Formally, we want:.
Formally we can write the factor as,
Formally, if we denote the set of stable functions by S ( D ) and the stability radius by r ( f, D ), then:

Formally and function
Formally, the derivative of the function f at a is the limit
Formally, there is a clear distinction: " DFT " refers to a mathematical transformation or function, regardless of how it is computed, whereas " FFT " refers to a specific family of algorithms for computing DFTs.
Formally, if M is a set, the identity function f on M is defined to be that function with domain and codomain M which satisfies
Formally a random variable is considered to be a function on the possible outcomes.
Formally, the discrete cosine transform is a linear, invertible function ( where denotes the set of real numbers ), or equivalently an invertible N × N square matrix.
Formally, a function ƒ is real analytic on an open set D in the real line if for any x < sub > 0 </ sub > in D one can write
Formally, an elliptic function is a function meromorphic on for which there exist two non-zero complex numbers and with ( in other words, not parallel ), such that and for all.
Formally, if is an open subset of the complex plane, a point of, and is a holomorphic function, then is called a removable singularity for if there exists a holomorphic function which coincides with on.
Formally, the problem of supervised pattern recognition can be stated as follows: Given an unknown function ( the ground truth ) that maps input instances to output labels, along with training data assumed to represent accurate examples of the mapping, produce a function that approximates as closely as possible the correct mapping.
Formally, a statistic s is a measurable function of X ; thus, a statistic s is evaluated on a random variable X, taking the value s ( X ), which is itself a random variable.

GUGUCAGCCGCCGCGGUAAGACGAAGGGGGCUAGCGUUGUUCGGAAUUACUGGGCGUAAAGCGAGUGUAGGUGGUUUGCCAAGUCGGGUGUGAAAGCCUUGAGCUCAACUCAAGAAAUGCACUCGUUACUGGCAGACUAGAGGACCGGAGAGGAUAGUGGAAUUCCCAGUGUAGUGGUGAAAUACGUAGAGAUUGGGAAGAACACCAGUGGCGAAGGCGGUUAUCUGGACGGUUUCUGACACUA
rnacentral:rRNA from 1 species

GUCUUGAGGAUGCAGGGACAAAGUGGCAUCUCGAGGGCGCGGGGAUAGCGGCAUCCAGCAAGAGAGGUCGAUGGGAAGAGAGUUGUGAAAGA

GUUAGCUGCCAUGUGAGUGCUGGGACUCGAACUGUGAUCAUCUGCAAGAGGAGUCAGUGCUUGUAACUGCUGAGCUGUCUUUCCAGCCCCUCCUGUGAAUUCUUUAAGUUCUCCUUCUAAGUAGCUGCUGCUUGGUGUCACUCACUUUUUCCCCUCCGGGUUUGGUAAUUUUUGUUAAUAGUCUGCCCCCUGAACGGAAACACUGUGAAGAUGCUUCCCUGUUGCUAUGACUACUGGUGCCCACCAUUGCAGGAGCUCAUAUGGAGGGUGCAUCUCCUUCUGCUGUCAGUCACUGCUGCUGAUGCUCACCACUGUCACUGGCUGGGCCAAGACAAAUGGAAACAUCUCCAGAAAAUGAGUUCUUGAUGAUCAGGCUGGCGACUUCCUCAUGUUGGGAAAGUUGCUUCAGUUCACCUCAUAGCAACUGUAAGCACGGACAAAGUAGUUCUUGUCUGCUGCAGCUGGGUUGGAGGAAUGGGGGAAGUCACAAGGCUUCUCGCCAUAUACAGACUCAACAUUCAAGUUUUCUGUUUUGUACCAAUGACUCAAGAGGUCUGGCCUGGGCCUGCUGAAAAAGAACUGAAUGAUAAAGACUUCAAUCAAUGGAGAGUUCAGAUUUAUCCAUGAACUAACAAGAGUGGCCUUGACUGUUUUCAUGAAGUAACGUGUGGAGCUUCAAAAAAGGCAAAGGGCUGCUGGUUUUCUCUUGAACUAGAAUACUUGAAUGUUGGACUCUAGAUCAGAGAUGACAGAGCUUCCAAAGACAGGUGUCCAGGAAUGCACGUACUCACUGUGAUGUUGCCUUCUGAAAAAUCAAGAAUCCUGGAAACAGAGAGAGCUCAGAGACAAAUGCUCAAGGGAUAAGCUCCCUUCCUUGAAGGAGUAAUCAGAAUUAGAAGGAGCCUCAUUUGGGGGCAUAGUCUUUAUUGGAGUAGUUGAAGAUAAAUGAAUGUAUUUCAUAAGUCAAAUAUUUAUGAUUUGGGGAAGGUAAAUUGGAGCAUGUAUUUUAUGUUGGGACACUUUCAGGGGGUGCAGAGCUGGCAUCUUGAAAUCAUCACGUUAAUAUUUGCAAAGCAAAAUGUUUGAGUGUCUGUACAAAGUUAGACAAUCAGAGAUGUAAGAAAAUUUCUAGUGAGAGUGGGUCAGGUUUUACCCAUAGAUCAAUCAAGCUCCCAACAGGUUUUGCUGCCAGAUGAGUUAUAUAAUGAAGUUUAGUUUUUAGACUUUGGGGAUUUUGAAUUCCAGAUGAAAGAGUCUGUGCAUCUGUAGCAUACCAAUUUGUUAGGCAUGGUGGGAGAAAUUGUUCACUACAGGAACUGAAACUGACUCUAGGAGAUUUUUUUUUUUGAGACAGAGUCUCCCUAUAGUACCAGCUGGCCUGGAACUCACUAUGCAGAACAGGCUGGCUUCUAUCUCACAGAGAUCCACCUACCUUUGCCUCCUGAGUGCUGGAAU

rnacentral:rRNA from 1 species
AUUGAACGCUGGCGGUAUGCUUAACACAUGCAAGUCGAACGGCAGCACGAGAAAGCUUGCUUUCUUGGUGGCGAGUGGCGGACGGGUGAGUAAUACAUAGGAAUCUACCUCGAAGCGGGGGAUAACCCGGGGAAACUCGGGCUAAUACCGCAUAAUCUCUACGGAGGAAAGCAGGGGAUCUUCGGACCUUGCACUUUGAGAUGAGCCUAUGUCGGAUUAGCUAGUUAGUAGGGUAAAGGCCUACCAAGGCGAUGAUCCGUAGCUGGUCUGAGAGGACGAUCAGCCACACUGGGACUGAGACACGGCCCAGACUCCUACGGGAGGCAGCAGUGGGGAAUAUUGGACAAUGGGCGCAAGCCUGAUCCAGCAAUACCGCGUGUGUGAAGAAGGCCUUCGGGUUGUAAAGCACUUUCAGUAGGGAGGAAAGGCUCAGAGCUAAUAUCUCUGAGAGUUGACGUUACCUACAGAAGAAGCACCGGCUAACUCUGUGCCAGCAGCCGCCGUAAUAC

Formally, the discrete sine transform is a linear, invertible function F: R < sup > N </ sup > < tt >-></ tt > R < sup > N </ sup > ( where R denotes the set of real numbers ), or equivalently an N × N square matrix.
Formally, the discrete Hartley transform is a linear, invertible function H: R < sup > n </ sup > < tt >-></ tt > R < sup > n </ sup > ( where R denotes the set of real numbers ).
Formally, the integral is the inner product of the luminosity function with the light spectrum.
Formally, a cardinal κ is defined to be weakly compact if it is uncountable and for every function f: < sup > 2 </ sup > →
Formally, an analytic function ƒ ( z ) of the real or complex variables z < sub > 1 </ sub >,…, z < sub > n </ sub > is transcendental if z < sub > 1 </ sub >, …, z < sub > n </ sub >, ƒ ( z ) are algebraically independent, i. e., if ƒ is transcendental over the field C ( z < sub > 1 </ sub >, …, z < sub > n </ sub >).
Formally, the Cantor function c: → is defined as follows:
Formally, let be a stochastic process and let represent the cumulative distribution function of the joint distribution of at times.
Formally, an ultrametric space is a set of points with an associated distance function ( also called a metric )